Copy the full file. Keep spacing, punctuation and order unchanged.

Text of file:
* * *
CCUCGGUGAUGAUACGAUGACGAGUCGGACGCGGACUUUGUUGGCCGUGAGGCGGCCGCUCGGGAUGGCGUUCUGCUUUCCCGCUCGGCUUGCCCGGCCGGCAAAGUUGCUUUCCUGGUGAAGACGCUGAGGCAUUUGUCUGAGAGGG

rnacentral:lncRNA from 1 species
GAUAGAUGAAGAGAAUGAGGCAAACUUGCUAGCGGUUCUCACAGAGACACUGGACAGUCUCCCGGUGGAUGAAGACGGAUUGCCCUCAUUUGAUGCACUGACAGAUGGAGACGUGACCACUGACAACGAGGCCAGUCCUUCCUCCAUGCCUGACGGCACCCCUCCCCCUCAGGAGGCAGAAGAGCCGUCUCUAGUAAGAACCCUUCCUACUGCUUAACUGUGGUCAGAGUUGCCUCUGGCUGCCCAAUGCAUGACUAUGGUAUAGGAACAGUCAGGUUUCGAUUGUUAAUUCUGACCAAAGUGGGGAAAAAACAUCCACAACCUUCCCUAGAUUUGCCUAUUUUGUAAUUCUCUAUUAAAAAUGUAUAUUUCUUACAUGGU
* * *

CCUCGGUGAUGAUACGAUGACGAGUCGGACGCGGACUUUGUUGGCCGUGAGGCGGCCGCUCGGGAUGGCGUUCUGCUUUCCCGCUCGGCUUGCCCGGCCGGCAAAGUUGCUUUCCUGGUGAAGACGCUGAGGCAUUUGUCUGAGAGGG

rnacentral:lncRNA from 1 species
GAUAGAUGAAGAGAAUGAGGCAAACUUGCUAGCGGUUCUCACAGAGACACUGGACAGUCUCCCGGUGGAUGAAGACGGAUUGCCCUCAUUUGAUGCACUGACAGAUGGAGACGUGACCACUGACAACGAGGCCAGUCCUUCCUCCAUGCCUGACGGCACCCCUCCCCCUCAGGAGGCAGAAGAGCCGUCUCUAGUAAGAACCCUUCCUACUGCUUAACUGUGGUCAGAGUUGCCUCUGGCUGCCCAAUGCAUGACUAUGGUAUAGGAACAGUCAGGUUUCGAUUGUUAAUUCUGACCAAAGUGGGGAAAAAACAUCCACAACCUUCCCUAGAUUUGCCUAUUUUGUAAUUCUCUAUUAAAAAUGUAUAUUUCUUACAUGGU